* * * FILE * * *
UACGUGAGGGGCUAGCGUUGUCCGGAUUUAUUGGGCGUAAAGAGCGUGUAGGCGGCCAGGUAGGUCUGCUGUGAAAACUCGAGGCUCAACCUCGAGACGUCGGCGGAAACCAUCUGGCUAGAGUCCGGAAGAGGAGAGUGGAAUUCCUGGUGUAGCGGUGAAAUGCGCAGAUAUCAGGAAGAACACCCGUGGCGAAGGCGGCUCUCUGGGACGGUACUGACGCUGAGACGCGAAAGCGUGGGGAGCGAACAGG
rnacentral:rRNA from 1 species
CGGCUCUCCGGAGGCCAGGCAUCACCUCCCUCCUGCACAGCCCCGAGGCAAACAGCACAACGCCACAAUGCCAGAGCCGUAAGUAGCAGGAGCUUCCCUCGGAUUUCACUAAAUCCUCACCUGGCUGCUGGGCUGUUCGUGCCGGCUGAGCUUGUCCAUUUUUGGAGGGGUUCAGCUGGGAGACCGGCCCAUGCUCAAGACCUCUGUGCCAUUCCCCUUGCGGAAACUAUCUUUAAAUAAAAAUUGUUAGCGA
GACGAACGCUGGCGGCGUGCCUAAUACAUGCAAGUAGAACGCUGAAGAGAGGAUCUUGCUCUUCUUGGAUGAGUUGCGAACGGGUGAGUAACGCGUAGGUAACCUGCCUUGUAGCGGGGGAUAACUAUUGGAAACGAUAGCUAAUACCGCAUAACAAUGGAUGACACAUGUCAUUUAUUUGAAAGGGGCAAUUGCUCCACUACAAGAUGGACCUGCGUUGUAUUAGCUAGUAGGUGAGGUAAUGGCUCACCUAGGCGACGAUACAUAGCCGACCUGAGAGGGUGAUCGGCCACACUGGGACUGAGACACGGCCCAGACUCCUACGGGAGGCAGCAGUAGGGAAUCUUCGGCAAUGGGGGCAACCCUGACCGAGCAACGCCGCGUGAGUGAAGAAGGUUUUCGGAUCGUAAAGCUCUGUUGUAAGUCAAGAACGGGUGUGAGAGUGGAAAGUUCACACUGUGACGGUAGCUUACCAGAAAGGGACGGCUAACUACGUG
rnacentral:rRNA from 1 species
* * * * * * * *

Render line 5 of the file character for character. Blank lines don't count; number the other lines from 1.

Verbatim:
rnacentral:rRNA from 1 species